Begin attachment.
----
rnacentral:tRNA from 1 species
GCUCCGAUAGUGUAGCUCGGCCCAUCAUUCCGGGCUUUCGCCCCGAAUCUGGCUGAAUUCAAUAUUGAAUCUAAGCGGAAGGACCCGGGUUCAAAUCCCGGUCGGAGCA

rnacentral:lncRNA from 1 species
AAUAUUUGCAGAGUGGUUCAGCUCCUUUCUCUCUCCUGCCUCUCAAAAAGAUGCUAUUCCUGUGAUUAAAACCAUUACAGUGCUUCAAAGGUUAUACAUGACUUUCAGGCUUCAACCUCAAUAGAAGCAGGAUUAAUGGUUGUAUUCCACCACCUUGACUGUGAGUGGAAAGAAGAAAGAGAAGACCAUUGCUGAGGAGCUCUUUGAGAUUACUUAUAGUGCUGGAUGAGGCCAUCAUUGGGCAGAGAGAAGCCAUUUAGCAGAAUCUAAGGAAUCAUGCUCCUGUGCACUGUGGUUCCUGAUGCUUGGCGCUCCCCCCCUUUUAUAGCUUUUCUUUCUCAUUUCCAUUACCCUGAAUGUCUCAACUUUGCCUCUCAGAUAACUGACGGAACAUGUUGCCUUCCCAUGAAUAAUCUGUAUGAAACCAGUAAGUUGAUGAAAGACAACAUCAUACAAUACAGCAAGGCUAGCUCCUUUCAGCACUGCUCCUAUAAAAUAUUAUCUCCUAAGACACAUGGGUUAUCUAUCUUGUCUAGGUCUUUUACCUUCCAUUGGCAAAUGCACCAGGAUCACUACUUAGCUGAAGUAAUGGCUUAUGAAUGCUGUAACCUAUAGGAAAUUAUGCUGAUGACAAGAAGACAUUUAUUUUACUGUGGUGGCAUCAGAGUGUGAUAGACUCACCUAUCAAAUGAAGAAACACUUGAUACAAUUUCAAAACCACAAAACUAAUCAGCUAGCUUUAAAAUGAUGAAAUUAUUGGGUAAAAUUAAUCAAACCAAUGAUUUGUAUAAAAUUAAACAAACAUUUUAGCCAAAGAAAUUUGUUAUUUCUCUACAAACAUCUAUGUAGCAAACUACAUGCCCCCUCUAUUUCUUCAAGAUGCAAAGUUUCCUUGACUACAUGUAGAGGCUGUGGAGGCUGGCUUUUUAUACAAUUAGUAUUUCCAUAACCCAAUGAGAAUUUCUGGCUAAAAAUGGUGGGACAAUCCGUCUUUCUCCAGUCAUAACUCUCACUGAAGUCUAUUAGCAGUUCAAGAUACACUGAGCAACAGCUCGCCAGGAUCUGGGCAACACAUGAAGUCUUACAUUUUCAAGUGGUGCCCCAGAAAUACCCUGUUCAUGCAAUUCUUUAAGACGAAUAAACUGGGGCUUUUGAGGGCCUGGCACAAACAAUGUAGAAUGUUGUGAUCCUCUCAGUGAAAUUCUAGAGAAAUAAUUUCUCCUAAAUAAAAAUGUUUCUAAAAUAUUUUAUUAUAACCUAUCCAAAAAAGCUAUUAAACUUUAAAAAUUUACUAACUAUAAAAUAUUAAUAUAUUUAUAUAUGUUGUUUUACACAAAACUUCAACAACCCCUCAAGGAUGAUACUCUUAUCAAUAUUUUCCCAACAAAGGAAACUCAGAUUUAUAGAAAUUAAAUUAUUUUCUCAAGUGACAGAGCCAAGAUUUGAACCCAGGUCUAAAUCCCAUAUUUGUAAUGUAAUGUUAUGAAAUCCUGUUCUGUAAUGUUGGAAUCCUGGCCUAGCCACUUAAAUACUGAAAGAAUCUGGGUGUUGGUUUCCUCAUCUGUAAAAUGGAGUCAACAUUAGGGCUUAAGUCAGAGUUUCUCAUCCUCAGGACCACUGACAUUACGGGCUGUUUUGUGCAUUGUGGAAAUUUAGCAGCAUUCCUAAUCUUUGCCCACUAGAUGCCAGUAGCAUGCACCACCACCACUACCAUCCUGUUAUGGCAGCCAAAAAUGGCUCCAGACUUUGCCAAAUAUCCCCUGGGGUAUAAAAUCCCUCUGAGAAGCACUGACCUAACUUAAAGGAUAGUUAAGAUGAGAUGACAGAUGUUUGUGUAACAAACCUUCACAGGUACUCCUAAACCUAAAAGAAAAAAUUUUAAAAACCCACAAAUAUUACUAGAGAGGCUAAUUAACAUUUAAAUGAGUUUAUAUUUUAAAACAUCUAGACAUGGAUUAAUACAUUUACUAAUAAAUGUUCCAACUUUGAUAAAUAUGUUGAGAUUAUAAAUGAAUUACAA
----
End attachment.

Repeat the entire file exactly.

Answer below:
rnacentral:tRNA from 1 species
GCUCCGAUAGUGUAGCUCGGCCCAUCAUUCCGGGCUUUCGCCCCGAAUCUGGCUGAAUUCAAUAUUGAAUCUAAGCGGAAGGACCCGGGUUCAAAUCCCGGUCGGAGCA

rnacentral:lncRNA from 1 species
AAUAUUUGCAGAGUGGUUCAGCUCCUUUCUCUCUCCUGCCUCUCAAAAAGAUGCUAUUCCUGUGAUUAAAACCAUUACAGUGCUUCAAAGGUUAUACAUGACUUUCAGGCUUCAACCUCAAUAGAAGCAGGAUUAAUGGUUGUAUUCCACCACCUUGACUGUGAGUGGAAAGAAGAAAGAGAAGACCAUUGCUGAGGAGCUCUUUGAGAUUACUUAUAGUGCUGGAUGAGGCCAUCAUUGGGCAGAGAGAAGCCAUUUAGCAGAAUCUAAGGAAUCAUGCUCCUGUGCACUGUGGUUCCUGAUGCUUGGCGCUCCCCCCCUUUUAUAGCUUUUCUUUCUCAUUUCCAUUACCCUGAAUGUCUCAACUUUGCCUCUCAGAUAACUGACGGAACAUGUUGCCUUCCCAUGAAUAAUCUGUAUGAAACCAGUAAGUUGAUGAAAGACAACAUCAUACAAUACAGCAAGGCUAGCUCCUUUCAGCACUGCUCCUAUAAAAUAUUAUCUCCUAAGACACAUGGGUUAUCUAUCUUGUCUAGGUCUUUUACCUUCCAUUGGCAAAUGCACCAGGAUCACUACUUAGCUGAAGUAAUGGCUUAUGAAUGCUGUAACCUAUAGGAAAUUAUGCUGAUGACAAGAAGACAUUUAUUUUACUGUGGUGGCAUCAGAGUGUGAUAGACUCACCUAUCAAAUGAAGAAACACUUGAUACAAUUUCAAAACCACAAAACUAAUCAGCUAGCUUUAAAAUGAUGAAAUUAUUGGGUAAAAUUAAUCAAACCAAUGAUUUGUAUAAAAUUAAACAAACAUUUUAGCCAAAGAAAUUUGUUAUUUCUCUACAAACAUCUAUGUAGCAAACUACAUGCCCCCUCUAUUUCUUCAAGAUGCAAAGUUUCCUUGACUACAUGUAGAGGCUGUGGAGGCUGGCUUUUUAUACAAUUAGUAUUUCCAUAACCCAAUGAGAAUUUCUGGCUAAAAAUGGUGGGACAAUCCGUCUUUCUCCAGUCAUAACUCUCACUGAAGUCUAUUAGCAGUUCAAGAUACACUGAGCAACAGCUCGCCAGGAUCUGGGCAACACAUGAAGUCUUACAUUUUCAAGUGGUGCCCCAGAAAUACCCUGUUCAUGCAAUUCUUUAAGACGAAUAAACUGGGGCUUUUGAGGGCCUGGCACAAACAAUGUAGAAUGUUGUGAUCCUCUCAGUGAAAUUCUAGAGAAAUAAUUUCUCCUAAAUAAAAAUGUUUCUAAAAUAUUUUAUUAUAACCUAUCCAAAAAAGCUAUUAAACUUUAAAAAUUUACUAACUAUAAAAUAUUAAUAUAUUUAUAUAUGUUGUUUUACACAAAACUUCAACAACCCCUCAAGGAUGAUACUCUUAUCAAUAUUUUCCCAACAAAGGAAACUCAGAUUUAUAGAAAUUAAAUUAUUUUCUCAAGUGACAGAGCCAAGAUUUGAACCCAGGUCUAAAUCCCAUAUUUGUAAUGUAAUGUUAUGAAAUCCUGUUCUGUAAUGUUGGAAUCCUGGCCUAGCCACUUAAAUACUGAAAGAAUCUGGGUGUUGGUUUCCUCAUCUGUAAAAUGGAGUCAACAUUAGGGCUUAAGUCAGAGUUUCUCAUCCUCAGGACCACUGACAUUACGGGCUGUUUUGUGCAUUGUGGAAAUUUAGCAGCAUUCCUAAUCUUUGCCCACUAGAUGCCAGUAGCAUGCACCACCACCACUACCAUCCUGUUAUGGCAGCCAAAAAUGGCUCCAGACUUUGCCAAAUAUCCCCUGGGGUAUAAAAUCCCUCUGAGAAGCACUGACCUAACUUAAAGGAUAGUUAAGAUGAGAUGACAGAUGUUUGUGUAACAAACCUUCACAGGUACUCCUAAACCUAAAAGAAAAAAUUUUAAAAACCCACAAAUAUUACUAGAGAGGCUAAUUAACAUUUAAAUGAGUUUAUAUUUUAAAACAUCUAGACAUGGAUUAAUACAUUUACUAAUAAAUGUUCCAACUUUGAUAAAUAUGUUGAGAUUAUAAAUGAAUUACAA